Arts-based practices may draw on any art form and representational forms that include but are not limited to literary forms (essays, short stories, novellas, novels, experimental writing, scripts, screenplays, poetry, parables); performative forms (music, songs, dance, creative movement, theatre); visual art (photography, drawing, painting, collage, installation art, three-dimensional (3-D) art, sculpture, comics, quilts, needlework); audiovisual forms (film, video); multimedia forms (graphic novels), and multimethod forms (combining two or more art forms). (Leavy, 2017)

The range of artistic and representational forms that MoVE has undertaken over the last few years speaks to the vibrancy different methods offer in creating understanding of social issues. The work that has been conducted at MoVE, however, has not only been useful to researchers with an interest in interdisciplinary ways of working. Participants too have found value in the projects: some participants have suggested that it was valuable to learn how to write, and to experiment with telling their own stories, and to express their positions on a range issues, sometimes perhaps for the first time for some of those participants. The work that is conducted through MoVE involves an unfolding and re-looking, using arts-based methods, of aspects of the lives people find themselves in, the result of various structural issues as much as life choices.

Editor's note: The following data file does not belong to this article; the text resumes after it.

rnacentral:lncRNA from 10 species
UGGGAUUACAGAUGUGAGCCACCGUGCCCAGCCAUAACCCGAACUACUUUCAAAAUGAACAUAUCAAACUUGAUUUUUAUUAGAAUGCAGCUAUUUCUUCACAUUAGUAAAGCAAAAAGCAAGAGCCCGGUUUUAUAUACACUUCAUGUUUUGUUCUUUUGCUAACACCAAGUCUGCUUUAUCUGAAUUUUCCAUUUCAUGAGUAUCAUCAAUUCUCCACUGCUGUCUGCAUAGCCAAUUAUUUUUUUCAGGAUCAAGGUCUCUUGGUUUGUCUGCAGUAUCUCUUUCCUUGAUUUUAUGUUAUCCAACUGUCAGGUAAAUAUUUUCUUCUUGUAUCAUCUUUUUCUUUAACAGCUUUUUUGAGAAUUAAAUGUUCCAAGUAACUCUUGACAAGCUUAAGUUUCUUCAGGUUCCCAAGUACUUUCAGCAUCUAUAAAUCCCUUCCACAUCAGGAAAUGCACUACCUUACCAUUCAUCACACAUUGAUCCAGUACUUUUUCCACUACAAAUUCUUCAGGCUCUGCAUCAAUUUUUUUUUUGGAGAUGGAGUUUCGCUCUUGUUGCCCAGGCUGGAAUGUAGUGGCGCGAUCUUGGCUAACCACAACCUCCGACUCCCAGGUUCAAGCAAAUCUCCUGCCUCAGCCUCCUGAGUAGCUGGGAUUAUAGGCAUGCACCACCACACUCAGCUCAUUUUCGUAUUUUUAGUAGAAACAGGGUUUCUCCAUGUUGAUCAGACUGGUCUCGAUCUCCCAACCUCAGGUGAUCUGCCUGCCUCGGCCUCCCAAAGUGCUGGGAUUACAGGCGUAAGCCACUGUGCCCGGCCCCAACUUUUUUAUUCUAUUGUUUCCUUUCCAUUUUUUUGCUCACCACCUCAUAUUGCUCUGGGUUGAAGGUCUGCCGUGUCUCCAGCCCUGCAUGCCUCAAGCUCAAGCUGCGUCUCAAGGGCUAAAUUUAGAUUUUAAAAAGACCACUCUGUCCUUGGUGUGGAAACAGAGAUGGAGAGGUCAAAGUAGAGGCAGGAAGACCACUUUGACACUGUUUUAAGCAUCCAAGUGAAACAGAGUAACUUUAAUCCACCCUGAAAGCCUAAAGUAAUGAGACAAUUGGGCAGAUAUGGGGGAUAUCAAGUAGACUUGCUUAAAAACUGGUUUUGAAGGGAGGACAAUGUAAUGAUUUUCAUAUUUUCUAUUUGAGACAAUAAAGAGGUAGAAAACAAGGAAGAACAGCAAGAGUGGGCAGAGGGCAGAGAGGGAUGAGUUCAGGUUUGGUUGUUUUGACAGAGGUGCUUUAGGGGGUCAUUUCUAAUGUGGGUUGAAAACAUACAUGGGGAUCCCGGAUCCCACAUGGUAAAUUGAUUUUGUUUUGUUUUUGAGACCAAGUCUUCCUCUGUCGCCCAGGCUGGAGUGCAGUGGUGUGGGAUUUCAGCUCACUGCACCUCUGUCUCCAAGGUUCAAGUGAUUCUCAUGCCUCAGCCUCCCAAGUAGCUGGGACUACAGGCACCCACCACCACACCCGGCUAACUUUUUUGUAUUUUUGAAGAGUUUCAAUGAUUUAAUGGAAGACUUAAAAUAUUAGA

Sisonke Sex Worker Movement
Many of the MoVE projects have been shaped though a partnership with the Sisonke Sex Worker Movement. MoVE’s relationship to Sisonke has lasted several projects, one project leading to another project. This partnership started with Working the City (2011), the most recent project was the Sex Worker Poster Project (2017). MoVE partnered with Sisonke because of a research interest in migration in Southern Africa. The following is from the SWEAT website, which is Sisonke’s partner organisation that helps with some administrative tasks:

Sisonke is a movement that was formed by sex workers because we were tired of being abused, isolated and not respected. Sisonke wants to unite sex workers across South Africa to stand up for ourselves. We want to address the many difficulties we face, such as: Harassment by police; Unsafe and unfair working conditions; Abuse from clients, pimps and community members; Problems with access to services like social, health and police; Problems with access to banks or opening accounts. … Sisonke was launched in 2003 at a national sex worker meeting that was held in Worcester, in the Western Cape. We started with a group of 70 members from across South Africa. We chose the name Sisonke, meaning “we are together”. Since then we have grown. We now have committees in four provinces, and we are planning to have committees in each province in a few years’ time. (SWEAT, 2017)